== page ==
← Buenos Aires

Day One in Buenos Aires takes you to the downtown, San Telmo, La Boca, and Puerto Madero neighborhoods where you’ll be able to encounter some of the city’s richest cultural experiences and historical landmarks. From observing the eclectic architecture of the city to trying Argentina’s most iconic dishes, here’s what to do in Buenos Aires if you only have one day.

Breakfast

Regardless of where you’re staying in the city, we recommend heading downtown for breakfast. Cafe culture is a large part of life in Buenos Aires, and starting your day with a café con leche (coffee with milk) and a medialuna (croissant) at one of the traditional historic cafes, or the more modern Negro Cueva de Café or Coffee Town, is a great way to kick off a quick trip to the city. Porteños, aka locals, tend to indulge in pastries and sweets for breakfast, but if you don’t have a sweet tooth, try a traditional sandwich de miga tostado — a ham and cheese sandwich.

Marvel at the Palace of the Argentine National Congress, Tribunales, and Plaza de Mayo

After your morning coffee, visit the impressive Palace of the Argentine National Congress and walk up Avenida de Mayo, enjoying the street art as you go. Make sure to stop at the Palacio Barolo, which was architecturally inspired by Dante Alighieri’s Divine Comedy. Then make your way to Tribunales and spend some time people watching in the nearby park. From there you can spot the Obelisk and the visually stunning Plaza de Mayo.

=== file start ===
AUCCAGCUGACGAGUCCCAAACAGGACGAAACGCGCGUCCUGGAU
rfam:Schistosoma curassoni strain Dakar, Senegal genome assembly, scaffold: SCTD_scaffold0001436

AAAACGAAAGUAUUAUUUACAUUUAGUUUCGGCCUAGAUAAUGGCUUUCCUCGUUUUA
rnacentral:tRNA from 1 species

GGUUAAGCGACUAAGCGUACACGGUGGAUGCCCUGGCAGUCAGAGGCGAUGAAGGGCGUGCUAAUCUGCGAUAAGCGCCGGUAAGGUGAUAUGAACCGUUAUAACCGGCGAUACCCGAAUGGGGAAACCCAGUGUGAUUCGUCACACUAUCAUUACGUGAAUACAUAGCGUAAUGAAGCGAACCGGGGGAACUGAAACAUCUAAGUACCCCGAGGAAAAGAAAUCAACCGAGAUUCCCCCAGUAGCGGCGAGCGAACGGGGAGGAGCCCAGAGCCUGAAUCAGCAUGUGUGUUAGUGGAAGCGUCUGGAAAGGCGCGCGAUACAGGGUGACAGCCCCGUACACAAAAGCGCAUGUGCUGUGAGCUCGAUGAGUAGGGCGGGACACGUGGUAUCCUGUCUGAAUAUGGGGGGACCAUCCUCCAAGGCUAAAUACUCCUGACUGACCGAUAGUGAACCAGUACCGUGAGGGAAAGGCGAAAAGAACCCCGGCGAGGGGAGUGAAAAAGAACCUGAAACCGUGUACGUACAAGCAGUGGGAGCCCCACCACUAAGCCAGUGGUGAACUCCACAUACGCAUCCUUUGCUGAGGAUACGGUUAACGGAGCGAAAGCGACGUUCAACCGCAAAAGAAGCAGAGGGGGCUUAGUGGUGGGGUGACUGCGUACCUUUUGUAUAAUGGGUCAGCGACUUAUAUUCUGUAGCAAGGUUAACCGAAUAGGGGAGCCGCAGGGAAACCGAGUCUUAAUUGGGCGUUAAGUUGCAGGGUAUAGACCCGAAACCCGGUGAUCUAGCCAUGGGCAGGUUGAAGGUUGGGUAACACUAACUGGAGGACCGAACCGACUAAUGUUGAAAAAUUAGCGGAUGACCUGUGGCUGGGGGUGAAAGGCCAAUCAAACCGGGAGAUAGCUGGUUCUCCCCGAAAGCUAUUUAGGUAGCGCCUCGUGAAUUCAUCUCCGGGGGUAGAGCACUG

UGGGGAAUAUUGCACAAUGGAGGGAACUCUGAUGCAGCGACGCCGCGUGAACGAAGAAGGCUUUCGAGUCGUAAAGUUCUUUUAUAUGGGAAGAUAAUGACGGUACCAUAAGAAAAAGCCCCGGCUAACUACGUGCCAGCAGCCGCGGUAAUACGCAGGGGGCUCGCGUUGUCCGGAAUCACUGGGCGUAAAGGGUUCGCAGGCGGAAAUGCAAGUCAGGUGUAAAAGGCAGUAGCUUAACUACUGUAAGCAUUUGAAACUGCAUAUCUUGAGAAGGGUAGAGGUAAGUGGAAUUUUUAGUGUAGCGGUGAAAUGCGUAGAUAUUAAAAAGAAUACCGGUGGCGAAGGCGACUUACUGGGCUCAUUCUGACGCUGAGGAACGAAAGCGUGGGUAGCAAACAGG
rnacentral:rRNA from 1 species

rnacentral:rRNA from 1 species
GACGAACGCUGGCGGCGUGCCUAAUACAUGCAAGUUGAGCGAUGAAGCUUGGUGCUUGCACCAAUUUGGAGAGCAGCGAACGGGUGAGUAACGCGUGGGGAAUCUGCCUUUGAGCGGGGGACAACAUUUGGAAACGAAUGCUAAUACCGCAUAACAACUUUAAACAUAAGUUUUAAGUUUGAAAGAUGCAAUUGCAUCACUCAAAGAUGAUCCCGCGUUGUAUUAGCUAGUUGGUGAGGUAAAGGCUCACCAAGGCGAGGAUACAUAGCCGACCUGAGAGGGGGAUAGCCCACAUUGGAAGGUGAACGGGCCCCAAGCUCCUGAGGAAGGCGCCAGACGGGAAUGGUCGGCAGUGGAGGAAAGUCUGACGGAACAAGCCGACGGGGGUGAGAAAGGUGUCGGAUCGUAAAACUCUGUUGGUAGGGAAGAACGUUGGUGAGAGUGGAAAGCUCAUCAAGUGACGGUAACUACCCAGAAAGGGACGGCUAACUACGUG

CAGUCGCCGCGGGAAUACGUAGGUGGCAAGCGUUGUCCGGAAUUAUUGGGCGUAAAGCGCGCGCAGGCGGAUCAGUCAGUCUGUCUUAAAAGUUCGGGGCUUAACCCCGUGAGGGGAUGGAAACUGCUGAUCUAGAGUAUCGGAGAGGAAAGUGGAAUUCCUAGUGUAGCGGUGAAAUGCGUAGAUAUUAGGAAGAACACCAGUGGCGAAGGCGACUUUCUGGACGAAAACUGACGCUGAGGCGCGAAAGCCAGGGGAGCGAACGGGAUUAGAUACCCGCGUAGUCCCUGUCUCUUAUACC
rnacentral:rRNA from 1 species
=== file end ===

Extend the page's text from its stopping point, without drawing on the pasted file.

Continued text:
Lunch in San Telmo

After all that walking, you’re going to be in need of some lunch, and we suggest heading to San Telmo. There you have countless options for a sit-down plate of fresh salad, grilled meat, or sandwich — but we suggest Bar El Federal.

Stroll along Defensa Street if you’re interested in craft, boutique, and antique shopping. And if you’re there over a weekend, there’s a lively flea market. A lovely green space, Parque Lezama is the next stop. Check out the ornate Russian Orthodox church in front of the park then indulge in an ice cream from nearby vendors; if you can’t decide on a flavor, it doesn’t get better than dulce de leche.

Merienda and Caminito

Photo: Milosz Maslanka/Shutterstock

From Parque Lezama, take a taxi to Caminito, in the La Boca neighborhood. Here, you’ll see the iconic colorful houses commonly found on many postcards of Buenos Aires. For football fans, no trip to BA is complete without visiting the Bombonera stadium, and you can easily fit that into your trip here. If football is not your thing, enjoy the art at Fundación PROA, visit the Benito Quinquela Martín Museum, or simply walk among the crafts and souvenir stalls.

By now it’s probably time for merienda, the local version of afternoon tea. Argentine people drink mate, a social drink that tastes like green tea but has as much caffeine as coffee. Mate is an acquired taste, but pair it with a sweet alfajo — a local cookie made with dulce de leche — and you’ll fit right in with the locals.

Sunset in Puerto Madero, then dinner and a tango show

Photo: guillermo_celano/Shutterstock

Take a taxi from La Boca to recently developed Puerto Madero. This is the perfect place to watch the sunset, from either the built-up area by the river or the nature reserve. Also check out the artistic footbridge, El Puente de la Mujer, and the picturesque A.R.A. Sarmiento Frigate museum ship.

After the sun has set, there are many options for you to experience one of the exclusive parrillas (steakhouses) in the area; you can’t go wrong with anything that has a line out the door. To end the night, head to one of the great tango spots in the city, such as El Viejo Almacén, Tango Porteño, Rojo Tango, and Madero Tango. Note that some shows might include dinner or an open bar.

If you do have more time to spend in the city, be sure to check out the best ways to spend a second and third day in Buenos Aires in our other itineraries.